Mark Zuckerberg: the kid who always says “I’m sorry”
After 5 hours of interrogation and after more than 600 questions by senators and representatives, the founder of Facebook made it clear that the great achievements of his company come at a very high price for its users.
For those of us who have "agreed" to long privacy policies without having read them, Mark Zuckerberg's testimony before Congress last week was chilling.
During 5 hours and 600 questions, the CEO and founder of Facebook - one of the largest and most powerful technology companies in the world - tried to explain to members of the Judicial and Commerce committees how their platform works and, more specifically, what it does with the data collected from its users.
Zuckerberg described Facebook as "an idealistic and optimistic company" that has focused "on all the good things that connecting people can bring". Citing cultural movements, self-managed companies, and even activism campaigns, the CEO tried to clear up doubts about the "humanity" behind his company.
However, his statement focused on two more or less specific issues: the use of user data and apologies.
"It’s clear now that we didn’t do enough to prevent these tools from being used for harm," the young businessman agreed. "That goes for fake news, for foreign interference in elections, and hate speech, as well as developers and data privacy. We didn’t take a broad enough view of our responsibility, and that was a big mistake."
"It was my mistake"; "sorry"; "I am responsible"; "It is quite possible that we made a mistake"; "It seems that we made a mistake there and I apologize for that", and dozens of times more, Zuckerberg "humbly" accepted the mistakes of his company and took personal responsibility for its consequences.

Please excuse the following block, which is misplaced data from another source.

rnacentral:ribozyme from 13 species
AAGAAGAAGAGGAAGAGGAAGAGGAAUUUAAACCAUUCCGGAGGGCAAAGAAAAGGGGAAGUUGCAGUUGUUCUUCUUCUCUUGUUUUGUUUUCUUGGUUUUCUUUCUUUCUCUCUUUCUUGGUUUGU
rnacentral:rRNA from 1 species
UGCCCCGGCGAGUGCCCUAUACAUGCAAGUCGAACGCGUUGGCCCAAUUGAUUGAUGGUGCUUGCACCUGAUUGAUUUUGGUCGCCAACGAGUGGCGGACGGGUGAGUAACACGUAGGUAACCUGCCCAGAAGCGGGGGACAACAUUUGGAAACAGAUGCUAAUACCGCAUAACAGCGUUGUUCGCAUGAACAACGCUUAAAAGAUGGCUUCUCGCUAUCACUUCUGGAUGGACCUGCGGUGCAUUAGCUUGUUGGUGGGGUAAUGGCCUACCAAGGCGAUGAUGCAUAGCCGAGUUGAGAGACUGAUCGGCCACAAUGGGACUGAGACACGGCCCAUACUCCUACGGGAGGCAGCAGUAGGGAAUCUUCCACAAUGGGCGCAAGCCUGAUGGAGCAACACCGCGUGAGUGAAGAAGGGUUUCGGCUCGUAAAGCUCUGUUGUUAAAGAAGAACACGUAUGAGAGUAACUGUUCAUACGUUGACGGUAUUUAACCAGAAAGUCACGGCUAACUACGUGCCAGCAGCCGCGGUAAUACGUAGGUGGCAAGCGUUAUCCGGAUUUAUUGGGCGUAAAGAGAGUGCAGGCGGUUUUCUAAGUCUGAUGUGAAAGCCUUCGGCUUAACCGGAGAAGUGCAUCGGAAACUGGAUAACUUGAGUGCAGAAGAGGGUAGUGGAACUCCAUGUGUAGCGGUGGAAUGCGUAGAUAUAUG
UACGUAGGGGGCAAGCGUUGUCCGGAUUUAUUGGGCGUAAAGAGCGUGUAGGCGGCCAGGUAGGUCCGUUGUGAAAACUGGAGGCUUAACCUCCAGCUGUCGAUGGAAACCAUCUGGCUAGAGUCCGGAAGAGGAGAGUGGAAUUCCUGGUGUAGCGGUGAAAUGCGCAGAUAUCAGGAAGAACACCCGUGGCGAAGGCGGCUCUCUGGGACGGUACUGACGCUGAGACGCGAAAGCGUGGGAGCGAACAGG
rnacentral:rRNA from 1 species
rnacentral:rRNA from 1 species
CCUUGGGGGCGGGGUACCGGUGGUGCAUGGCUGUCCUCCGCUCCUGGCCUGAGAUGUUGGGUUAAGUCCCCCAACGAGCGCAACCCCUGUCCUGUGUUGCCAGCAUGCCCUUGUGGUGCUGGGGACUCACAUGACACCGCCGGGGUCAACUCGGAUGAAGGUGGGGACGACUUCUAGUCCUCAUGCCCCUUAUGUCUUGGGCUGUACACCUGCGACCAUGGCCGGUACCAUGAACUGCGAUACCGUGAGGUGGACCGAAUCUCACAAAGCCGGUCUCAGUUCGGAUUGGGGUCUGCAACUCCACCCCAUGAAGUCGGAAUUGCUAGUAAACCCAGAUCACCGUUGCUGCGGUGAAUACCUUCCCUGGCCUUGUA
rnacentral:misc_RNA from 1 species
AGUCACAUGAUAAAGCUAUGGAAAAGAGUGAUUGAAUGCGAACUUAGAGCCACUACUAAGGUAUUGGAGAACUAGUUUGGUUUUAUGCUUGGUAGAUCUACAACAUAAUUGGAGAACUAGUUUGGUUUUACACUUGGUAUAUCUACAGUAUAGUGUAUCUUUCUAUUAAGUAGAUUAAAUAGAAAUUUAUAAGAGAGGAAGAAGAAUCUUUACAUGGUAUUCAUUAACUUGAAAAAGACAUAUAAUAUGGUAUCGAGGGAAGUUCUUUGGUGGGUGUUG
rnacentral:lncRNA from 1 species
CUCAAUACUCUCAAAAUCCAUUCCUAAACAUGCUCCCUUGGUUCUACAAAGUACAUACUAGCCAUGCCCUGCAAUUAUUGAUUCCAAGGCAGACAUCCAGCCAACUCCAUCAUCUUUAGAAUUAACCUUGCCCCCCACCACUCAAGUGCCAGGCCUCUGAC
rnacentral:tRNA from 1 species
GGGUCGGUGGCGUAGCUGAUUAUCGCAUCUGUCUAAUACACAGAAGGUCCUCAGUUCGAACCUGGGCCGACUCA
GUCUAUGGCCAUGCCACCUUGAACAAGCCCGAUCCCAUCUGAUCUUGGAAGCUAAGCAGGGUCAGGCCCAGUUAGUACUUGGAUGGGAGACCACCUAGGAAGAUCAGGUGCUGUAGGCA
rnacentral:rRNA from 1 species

But is it enough to ask for forgiveness?
While the hearings were conducted precisely to determine whether the US Congress should or should not intervene through regulations or some other mechanism that protects citizens and users, it seems that Facebook has bypassed the red flags for some years, becoming a dangerous tool.
According to CNBC, Zuckerberg said Facebook "did not notify the Federal Trade Commission about the Cambridge Analytica data leak from 2015 because the company considered it a closed case".
In one of the biggest episodes of abuse of information in the last decades, the political consultant Cambridge Analytica collected the data of more than 87 million users on Facebook through a questionnaire application that served as a platform; later it was shown that the consultant managed to influence political scenarios thanks to its access to data.
Not in vain, members of Congress tried, again and again, to understand how Facebook works - which transformed them into an object of ridicule in social media due to their age difference with the platform. But as Geoffrey A. Fowler says in his article for the Post: they were as confused as many Americans.
"Zuckerberg has never really explained how much data Facebook collects and what it does with it," Fowler continues. "As Senator John Neely Kennedy put it, Zuckerberg's user agreements 'suck'."
On more than 45 occasions during his hearing, the Executive Director told Congress that "users are in control of their data," without explaining exactly how.
“That’s like saying anyone can control a 747 because it has buttons and dials," Fowler argues.
Zuckerberg spoke of the tool "download your information", something that has been shown to be useless according to various people who tried it.
This data is used by Facebook to help advertising companies to "better locate their ads", determining the tastes, preferences, desires and even guilty pleasures of users; It’s something like the most violent - yet passive - marketing study in history.
And it goes beyond that.
For Daniel Kahn Gillmor, a specialized ACLU technologist who has never opened an account on the platform, "Facebook still has a detailed profile that can be used to target me."
"I’ve never consented to having Facebook collect my data, which can be used to draw very detailed inferences about my life, my habits, and my relationships," he explained.
The mechanism used by Facebook is through the other users’ data who "are encouraged to upload their contact list", and at the same time their data can be collected through the Internet, using the so-called "cookies".
It seems that we are all stuck in the dense web woven by the innocent platform that convinced us to leave MySpace 14 years ago; while "we are in control" of what we share, it is perhaps too late to ask for the gift back.